Hail as small as 3/4″ to 2″ can damage the protective granular surface on a composition shingle. Homes with wood shingles can split or be punctured. Any damage that may happen only increases as the size of the hail increases. The older the roof, the more damage occurs since the granules are less securely attached to the surface of the shingles. A hail damaged roof will have a reduced “roof life”, resulting in earlier weathering or cracking. As time goes on, it will become increasingly more difficult to make the distinction of hail versus wear. It will be easier to resolve the issues surrounding your hail damaged roof if you take care of it now, rather than waiting down the road to do so. The impact of hailstones on a roof depends on at least these factors:
- Size: The size of the hailstone
- Mass: Some assumptions about the typical mass of a hailstone (ice or ice with some water coating)
- Wind: The effect of wind on the object’s velocity
- Falling height or distance (we assume the distance is sufficient to reach terminal velocity before considering wind effects)
- Mechanics: The assumption that all of the physical energy is converted to kinetic energy as the object strikes the roof
- The pre-existing condition of the roof surfaces, age, existing damage or wear fragility
- The roof slope and angle of presentation of the roof slope to the direction of wind-driven hailstones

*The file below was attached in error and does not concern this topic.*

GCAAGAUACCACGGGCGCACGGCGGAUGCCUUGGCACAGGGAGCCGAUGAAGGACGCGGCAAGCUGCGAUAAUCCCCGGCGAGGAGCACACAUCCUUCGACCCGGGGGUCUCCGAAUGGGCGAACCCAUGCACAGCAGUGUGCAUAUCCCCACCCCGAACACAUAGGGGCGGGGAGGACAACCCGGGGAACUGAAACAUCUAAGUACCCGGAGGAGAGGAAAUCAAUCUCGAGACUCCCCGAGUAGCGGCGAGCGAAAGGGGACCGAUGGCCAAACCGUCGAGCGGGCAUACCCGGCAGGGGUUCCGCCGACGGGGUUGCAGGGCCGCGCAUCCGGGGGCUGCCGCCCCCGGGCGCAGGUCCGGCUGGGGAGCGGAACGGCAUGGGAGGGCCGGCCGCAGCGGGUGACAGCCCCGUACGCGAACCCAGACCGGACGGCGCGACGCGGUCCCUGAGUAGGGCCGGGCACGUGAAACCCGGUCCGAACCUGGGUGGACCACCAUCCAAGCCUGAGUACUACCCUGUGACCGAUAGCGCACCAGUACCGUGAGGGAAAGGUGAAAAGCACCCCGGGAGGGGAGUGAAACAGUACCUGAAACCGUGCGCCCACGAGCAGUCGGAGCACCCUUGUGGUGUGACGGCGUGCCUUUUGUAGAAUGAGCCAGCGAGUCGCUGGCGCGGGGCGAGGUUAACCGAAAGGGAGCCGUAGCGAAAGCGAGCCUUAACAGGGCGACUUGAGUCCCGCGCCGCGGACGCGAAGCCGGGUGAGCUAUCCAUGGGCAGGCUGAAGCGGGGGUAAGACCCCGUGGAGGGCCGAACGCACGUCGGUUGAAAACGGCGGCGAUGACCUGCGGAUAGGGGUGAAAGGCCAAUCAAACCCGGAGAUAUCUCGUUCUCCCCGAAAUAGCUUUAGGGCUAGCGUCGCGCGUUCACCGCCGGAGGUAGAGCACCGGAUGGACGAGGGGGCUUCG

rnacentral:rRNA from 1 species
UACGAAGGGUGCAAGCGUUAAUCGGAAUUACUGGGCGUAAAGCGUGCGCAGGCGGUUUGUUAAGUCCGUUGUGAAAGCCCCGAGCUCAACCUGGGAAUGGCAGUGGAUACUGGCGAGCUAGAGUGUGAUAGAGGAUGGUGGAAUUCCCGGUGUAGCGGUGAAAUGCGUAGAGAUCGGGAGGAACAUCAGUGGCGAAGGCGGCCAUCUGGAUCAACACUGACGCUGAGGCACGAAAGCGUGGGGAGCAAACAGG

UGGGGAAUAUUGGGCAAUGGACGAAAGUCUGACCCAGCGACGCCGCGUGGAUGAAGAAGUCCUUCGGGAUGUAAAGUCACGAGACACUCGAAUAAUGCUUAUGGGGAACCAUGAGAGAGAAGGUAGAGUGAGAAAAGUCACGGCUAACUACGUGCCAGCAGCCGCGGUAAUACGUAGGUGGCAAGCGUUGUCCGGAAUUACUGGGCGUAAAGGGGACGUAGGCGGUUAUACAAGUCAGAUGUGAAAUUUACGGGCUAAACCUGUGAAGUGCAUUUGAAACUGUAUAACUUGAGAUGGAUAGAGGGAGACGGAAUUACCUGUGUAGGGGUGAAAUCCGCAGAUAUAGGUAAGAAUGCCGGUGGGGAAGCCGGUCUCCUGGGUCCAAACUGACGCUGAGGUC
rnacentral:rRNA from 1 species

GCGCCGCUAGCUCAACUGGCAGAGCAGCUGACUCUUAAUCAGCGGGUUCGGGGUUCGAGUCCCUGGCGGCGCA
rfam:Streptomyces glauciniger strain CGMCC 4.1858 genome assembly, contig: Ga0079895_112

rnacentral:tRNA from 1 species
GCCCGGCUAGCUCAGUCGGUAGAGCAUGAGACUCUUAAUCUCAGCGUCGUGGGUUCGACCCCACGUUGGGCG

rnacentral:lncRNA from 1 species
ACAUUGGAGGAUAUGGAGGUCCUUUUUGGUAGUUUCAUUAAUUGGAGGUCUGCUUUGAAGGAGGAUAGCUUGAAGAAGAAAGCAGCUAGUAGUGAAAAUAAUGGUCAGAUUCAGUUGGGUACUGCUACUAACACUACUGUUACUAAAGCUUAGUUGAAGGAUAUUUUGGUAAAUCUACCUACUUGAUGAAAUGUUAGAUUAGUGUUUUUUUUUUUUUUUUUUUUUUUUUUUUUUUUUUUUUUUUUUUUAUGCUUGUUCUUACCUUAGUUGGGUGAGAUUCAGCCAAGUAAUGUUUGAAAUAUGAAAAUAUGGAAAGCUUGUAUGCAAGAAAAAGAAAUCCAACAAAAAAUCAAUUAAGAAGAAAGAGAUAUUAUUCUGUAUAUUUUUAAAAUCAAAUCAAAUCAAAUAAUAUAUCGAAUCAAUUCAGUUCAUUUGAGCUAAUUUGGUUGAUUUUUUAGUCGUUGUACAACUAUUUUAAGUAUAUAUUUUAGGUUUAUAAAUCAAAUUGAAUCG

A 1 cm hailstone has a theoretical terminal velocity of about 20 mph (9 meters/second). Larger hailstones have a much higher terminal velocity. And a ten-gram hailstone falling from 10 km (this distance is probably more than enough) has a terminal velocity of about 15 meters per second.
Hail damage can dislodge the protective mineral granules of an asphalt shingle, producing areas of exposed asphalt shingle substrate. If inspecting an asphalt shingle (or mineral-granule-covered roof roofing) roof shortly after a hailstorm the exposed shingle substrate should be expected to show freshly-exposed asphalt coated or asphalt impregnated shingle base material.
If the same area is examined much later the exposed shingle areas of granule loss may have weathered or even cracked and this distinction (hail versus wear or other sources of granule loss) will be more difficult to distinguish.
Asphalt shingle blisters are raised bumps or protrusions in shingle surface, either closed blisters or open ones showing a small black pit or crater when the protective mineral granules have been lost from the peak of the blister.